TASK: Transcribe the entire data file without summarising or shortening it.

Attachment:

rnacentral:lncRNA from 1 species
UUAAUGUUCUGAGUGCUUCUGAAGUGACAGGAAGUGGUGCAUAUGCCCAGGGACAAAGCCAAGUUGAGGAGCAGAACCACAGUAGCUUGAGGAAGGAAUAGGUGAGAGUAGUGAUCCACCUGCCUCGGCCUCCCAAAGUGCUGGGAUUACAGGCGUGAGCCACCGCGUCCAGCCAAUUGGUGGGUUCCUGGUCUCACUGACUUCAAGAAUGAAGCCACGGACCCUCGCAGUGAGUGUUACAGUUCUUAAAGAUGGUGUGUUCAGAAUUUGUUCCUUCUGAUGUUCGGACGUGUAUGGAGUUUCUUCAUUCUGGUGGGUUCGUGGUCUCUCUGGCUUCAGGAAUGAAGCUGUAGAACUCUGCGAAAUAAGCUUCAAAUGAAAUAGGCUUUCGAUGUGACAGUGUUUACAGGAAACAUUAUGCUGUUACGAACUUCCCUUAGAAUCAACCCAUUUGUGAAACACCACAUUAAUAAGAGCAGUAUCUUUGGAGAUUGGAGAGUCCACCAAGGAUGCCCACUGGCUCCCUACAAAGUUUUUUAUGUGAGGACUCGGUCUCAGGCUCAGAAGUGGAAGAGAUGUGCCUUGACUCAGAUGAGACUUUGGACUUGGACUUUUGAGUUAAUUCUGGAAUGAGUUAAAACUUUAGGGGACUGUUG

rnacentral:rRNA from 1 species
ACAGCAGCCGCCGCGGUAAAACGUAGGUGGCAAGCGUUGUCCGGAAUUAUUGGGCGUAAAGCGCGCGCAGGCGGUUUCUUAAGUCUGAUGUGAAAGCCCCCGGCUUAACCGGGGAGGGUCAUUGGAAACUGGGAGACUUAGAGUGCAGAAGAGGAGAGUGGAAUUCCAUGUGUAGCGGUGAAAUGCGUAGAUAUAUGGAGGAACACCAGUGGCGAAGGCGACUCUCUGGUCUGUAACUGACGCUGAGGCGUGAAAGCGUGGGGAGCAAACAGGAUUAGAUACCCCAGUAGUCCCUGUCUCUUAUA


rnacentral:lncRNA from 1 species
UUAAUGUUCUGAGUGCUUCUGAAGUGACAGGAAGUGGUGCAUAUGCCCAGGGACAAAGCCAAGUUGAGGAGCAGAACCACAGUAGCUUGAGGAAGGAAUAGGUGAGAGUAGUGAUCCACCUGCCUCGGCCUCCCAAAGUGCUGGGAUUACAGGCGUGAGCCACCGCGUCCAGCCAAUUGGUGGGUUCCUGGUCUCACUGACUUCAAGAAUGAAGCCACGGACCCUCGCAGUGAGUGUUACAGUUCUUAAAGAUGGUGUGUUCAGAAUUUGUUCCUUCUGAUGUUCGGACGUGUAUGGAGUUUCUUCAUUCUGGUGGGUUCGUGGUCUCUCUGGCUUCAGGAAUGAAGCUGUAGAACUCUGCGAAAUAAGCUUCAAAUGAAAUAGGCUUUCGAUGUGACAGUGUUUACAGGAAACAUUAUGCUGUUACGAACUUCCCUUAGAAUCAACCCAUUUGUGAAACACCACAUUAAUAAGAGCAGUAUCUUUGGAGAUUGGAGAGUCCACCAAGGAUGCCCACUGGCUCCCUACAAAGUUUUUUAUGUGAGGACUCGGUCUCAGGCUCAGAAGUGGAAGAGAUGUGCCUUGACUCAGAUGAGACUUUGGACUUGGACUUUUGAGUUAAUUCUGGAAUGAGUUAAAACUUUAGGGGACUGUUG

rnacentral:rRNA from 1 species
ACAGCAGCCGCCGCGGUAAAACGUAGGUGGCAAGCGUUGUCCGGAAUUAUUGGGCGUAAAGCGCGCGCAGGCGGUUUCUUAAGUCUGAUGUGAAAGCCCCCGGCUUAACCGGGGAGGGUCAUUGGAAACUGGGAGACUUAGAGUGCAGAAGAGGAGAGUGGAAUUCCAUGUGUAGCGGUGAAAUGCGUAGAUAUAUGGAGGAACACCAGUGGCGAAGGCGACUCUCUGGUCUGUAACUGACGCUGAGGCGUGAAAGCGUGGGGAGCAAACAGGAUUAGAUACCCCAGUAGUCCCUGUCUCUUAUA